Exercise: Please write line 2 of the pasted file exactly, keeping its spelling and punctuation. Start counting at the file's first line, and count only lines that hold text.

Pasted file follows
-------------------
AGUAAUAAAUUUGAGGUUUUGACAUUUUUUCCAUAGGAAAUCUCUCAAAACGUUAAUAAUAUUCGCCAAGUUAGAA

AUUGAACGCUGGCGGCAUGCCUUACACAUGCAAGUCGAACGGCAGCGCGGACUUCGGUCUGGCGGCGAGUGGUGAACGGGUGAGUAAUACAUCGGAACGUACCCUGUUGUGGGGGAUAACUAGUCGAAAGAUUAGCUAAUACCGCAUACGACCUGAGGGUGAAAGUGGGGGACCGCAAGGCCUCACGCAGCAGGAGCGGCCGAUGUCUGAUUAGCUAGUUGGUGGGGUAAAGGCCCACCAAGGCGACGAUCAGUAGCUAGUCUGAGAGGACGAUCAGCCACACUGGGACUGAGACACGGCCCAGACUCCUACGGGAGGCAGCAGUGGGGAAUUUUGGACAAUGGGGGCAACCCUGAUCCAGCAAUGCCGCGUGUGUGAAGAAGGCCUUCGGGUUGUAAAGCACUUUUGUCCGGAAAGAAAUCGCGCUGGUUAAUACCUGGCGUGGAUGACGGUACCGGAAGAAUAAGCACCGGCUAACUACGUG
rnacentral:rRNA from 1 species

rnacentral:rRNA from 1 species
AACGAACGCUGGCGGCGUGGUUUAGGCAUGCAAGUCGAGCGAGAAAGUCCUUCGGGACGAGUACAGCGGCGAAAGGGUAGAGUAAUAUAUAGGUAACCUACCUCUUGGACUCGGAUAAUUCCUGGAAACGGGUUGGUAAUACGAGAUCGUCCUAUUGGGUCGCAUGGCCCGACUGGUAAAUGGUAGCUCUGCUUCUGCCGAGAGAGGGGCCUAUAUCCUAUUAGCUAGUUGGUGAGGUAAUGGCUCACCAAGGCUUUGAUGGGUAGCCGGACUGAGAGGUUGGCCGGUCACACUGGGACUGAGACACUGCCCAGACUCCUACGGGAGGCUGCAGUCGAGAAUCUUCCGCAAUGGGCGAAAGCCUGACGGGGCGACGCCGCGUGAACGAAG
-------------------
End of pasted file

AUUGAACGCUGGCGGCAUGCCUUACACAUGCAAGUCGAACGGCAGCGCGGACUUCGGUCUGGCGGCGAGUGGUGAACGGGUGAGUAAUACAUCGGAACGUACCCUGUUGUGGGGGAUAACUAGUCGAAAGAUUAGCUAAUACCGCAUACGACCUGAGGGUGAAAGUGGGGGACCGCAAGGCCUCACGCAGCAGGAGCGGCCGAUGUCUGAUUAGCUAGUUGGUGGGGUAAAGGCCCACCAAGGCGACGAUCAGUAGCUAGUCUGAGAGGACGAUCAGCCACACUGGGACUGAGACACGGCCCAGACUCCUACGGGAGGCAGCAGUGGGGAAUUUUGGACAAUGGGGGCAACCCUGAUCCAGCAAUGCCGCGUGUGUGAAGAAGGCCUUCGGGUUGUAAAGCACUUUUGUCCGGAAAGAAAUCGCGCUGGUUAAUACCUGGCGUGGAUGACGGUACCGGAAGAAUAAGCACCGGCUAACUACGUG